There is another phenomenon connected with the present subject which deserves to be noticed. I allude to the propensity to sleep which has already been remarked. This too, can only be explained by ascribing it to a deficiency of oxygen.

Sleep, is a suspension to all, or a majority of the operations of the mind. We have not, it is true, in our possession any direct evidence to prove that the efforts of the intellect, like those of the body exact a fixed, and determinate quantity of oxygen. We had, indeed, the promise of some experiments to ascertain it by Lavoisier in an Essay, where after indicating the expenditure of vital air by muscular exercise, he undertakes to show by calculation, “ the quantity of mechanical labour exerted by the philosopher who reflects, by the man of letters who writes, or the musician who composes.!” These operations, he adds, though intellec

|| There are many facts to prove that oxygen is a principal agent in digestion and assimilation. The quantity employed in these processes seems, in some degree, to be regulated by the kind of food used. An animal diet consumes more than a vegetable one. Mr. Spalding found that when he lived upon animal food, and drank spirituous liquors, he expended the oxygenous portion of the atmosphere in his diving bell, in a much shorter time than when he subsisted on vegetable matter and water. Dr. Beddoes has also furnished some curious facts which go to establish the same conclusion. tual, have a certain dependance on the physical and material part of man, which renders them susceptible of comparison with the labours of the mechanic.

Whether these views be as just, as they are brilliant, I shall not pretend to decide. But, thcugh we may never be competent to determine with much accuracy the quantity of oxygen consumed by the operations of the mind, yet, that it is essentially necessary to the exertion of the intellectual faculties is distinctly demonstrated.

With respect to the influence of a subtraction of oxygen in the production of sleep, a few facts will be sufficient to attest it.

In the first place, we know, that the primary operation of all the irrespirable gases, and these contain no oxygen, is productive of heaviness and sleep.

Sleep is apt, moreover, to occur during the process of diges. tion, when the oxygen of the system is employed, in a considerable degree, in the assimilation of aliment, and the elaboration of chyle, or, if the disposition to sleep be counteracted, the senses, at least, become more dull, and the understanding less acute and energetic.

The production of sleep is favoured too, as has been proved, by external warmth, which lessens the supply of oxygen.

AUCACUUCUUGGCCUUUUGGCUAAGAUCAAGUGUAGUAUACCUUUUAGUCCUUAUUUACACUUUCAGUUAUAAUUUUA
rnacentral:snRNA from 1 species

It is, from the combination of these causes, that among the inhabitants of hot climates, the custom of sleeping during the day, and especially after eating, universally prevails.

I have purposely avoided details in this inquiry, that I might not be led into prolixity.

I may, however, in a subsequent Essay dilate many parts of it with illustrations, which at present, appear in the nakedness and obscurity of insulated propositions.


Nothing is more flattering to the mind of a philosopher than to observe an increasing respect for those branches of science to which he is himself partial. The chymist has therefore observed

with pleasure and pride, that the favourite objects of his pursuit, which formerly were too much despised and neglected, have of late years attracted great attention.

When the labours of chymists were directed exclusively to the discovery of the Philosopher's Stone, the Elixir of Life, and the Universal Solvent, the obloquy heaped upon them was justly merited by the sordid and visionary temper of those, whose lives were spent over the crucible and furnace. The more liberal views of modern experimenters have rescued this branch of philosophy from reproaches it never deserved, and raised it to a conspicuous rank among the sciences. In doing this they have conferred on the world, benefits, the most important. Agriculture has been improved; the arts have flourished; and medicine has been enriched by a variety of the most active and useful remedies.

The objects of investigation to the chymist, are innumerable, and the interest they excite, can only be judged of by the zeal of his inquiries. There is as much wisdom displayed in the formation of an atom, as in the creation of a world ; as much ingenuity therefore is required to unfold its properties and the laws by which it is governed. The period has arrived when the study of chymistry is no longer a reproach. It is even considered an important branch of education. An institution has been founded in London in which lectures are delivered on the interesting parts of chymistry to crowded audiences of the most respectable nobility and gentry in the British dominions.* In our own country we may hail the commencement of a taste for similar studies. Already Chymistry is taught in most of our respectable colleges, and in many private seminaries of learning; and discoveries have been made which could only have been expected from the zeal and industry of veterans in science.

One of the most interesting subjects of chymical investigation is Heat, it is one of the first objects of attention to a student of chymistry, he finds it present in all his operations; it influences all their results. One would imagine that an agent, so universally extended throughout creation, would be familiar to the whole human race, and yet we are informed that the inhabitants of the Marian island, were not acquainted with its effects till the invasion

The Royal Institution, Albemarle.strect.